Export Slowdown May Cause Higher Prices, Shortages, Delays

America's huge and tension-filled trade deficit with China could be eased and limited if inflation slows down the latter's mighty exporting machine. Trade deficit, or the negative balance of a trade in which the amount of a country's export is less than its imports, was the one of the underlying tensions during US President Barack Obama and Chinese President Hu Jintao's recent talks in the Washington.

Because of inflation, Western multinational companies are now cutting back on importation of products from the big manufacturer China, and consumers are balking at the higher prices of merchandise. Some of these companies have even canceled their shipping of raw materials across the Pacific.

There were markups of 20 to 50 percent on products across the range of industries, for example in clothing and shoes, that sent these Western multinational companies scrambling for alternative suppliers. Though there are available alternative suppliers, like Vietnam, India and other Southeast Asian countries, none could match China's manufacturing power and refuge from high global commodity prices.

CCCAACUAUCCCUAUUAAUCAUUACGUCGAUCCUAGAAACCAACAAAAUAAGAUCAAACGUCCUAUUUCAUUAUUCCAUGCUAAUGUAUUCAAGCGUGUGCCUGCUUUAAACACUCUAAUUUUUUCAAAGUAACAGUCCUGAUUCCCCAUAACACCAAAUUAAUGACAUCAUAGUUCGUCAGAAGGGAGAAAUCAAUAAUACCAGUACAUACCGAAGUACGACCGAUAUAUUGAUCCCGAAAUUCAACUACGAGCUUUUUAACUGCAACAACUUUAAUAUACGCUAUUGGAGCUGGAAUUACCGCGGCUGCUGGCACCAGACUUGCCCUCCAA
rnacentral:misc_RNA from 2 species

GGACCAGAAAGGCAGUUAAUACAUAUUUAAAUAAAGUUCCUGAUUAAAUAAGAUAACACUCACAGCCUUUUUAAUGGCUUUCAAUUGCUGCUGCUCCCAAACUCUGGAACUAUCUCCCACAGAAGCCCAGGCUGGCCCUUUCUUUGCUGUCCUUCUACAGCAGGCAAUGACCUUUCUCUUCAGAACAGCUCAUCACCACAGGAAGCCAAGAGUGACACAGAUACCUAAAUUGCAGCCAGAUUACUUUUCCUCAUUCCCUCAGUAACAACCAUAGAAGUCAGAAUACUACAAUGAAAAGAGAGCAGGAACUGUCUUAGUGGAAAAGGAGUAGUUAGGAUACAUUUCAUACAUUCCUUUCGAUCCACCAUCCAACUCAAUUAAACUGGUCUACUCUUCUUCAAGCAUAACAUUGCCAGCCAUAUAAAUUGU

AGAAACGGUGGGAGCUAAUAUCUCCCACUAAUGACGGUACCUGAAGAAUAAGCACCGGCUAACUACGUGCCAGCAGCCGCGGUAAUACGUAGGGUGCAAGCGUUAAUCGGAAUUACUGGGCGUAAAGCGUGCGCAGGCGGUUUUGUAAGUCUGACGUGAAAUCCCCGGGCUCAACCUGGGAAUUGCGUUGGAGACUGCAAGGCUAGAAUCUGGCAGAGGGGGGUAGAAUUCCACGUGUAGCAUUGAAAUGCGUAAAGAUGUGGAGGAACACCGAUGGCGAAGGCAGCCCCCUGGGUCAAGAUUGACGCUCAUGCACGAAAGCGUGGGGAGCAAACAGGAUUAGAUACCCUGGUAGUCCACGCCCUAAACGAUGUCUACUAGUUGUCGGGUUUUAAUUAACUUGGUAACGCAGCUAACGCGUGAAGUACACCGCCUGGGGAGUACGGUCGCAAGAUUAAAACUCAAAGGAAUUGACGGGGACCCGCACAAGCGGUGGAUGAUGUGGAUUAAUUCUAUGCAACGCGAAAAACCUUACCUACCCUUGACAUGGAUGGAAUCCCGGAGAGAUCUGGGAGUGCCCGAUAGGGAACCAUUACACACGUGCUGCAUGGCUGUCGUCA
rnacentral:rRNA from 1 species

The American shoppers would reel from limitations in trade deficit. In effect, the slowdown in export would expect higher prices or even temporary shortages of products in the coming months, according to manufacturers and distributors. They also say that delays on purchases are also expected, because most probably retailers would haggle over commodity prices.

Such delays and shortages could be prevented if Western buyers would renew contracts at a much higher cost. However, this implies that American shoppers should first accept and purchase the products, even at higher prices.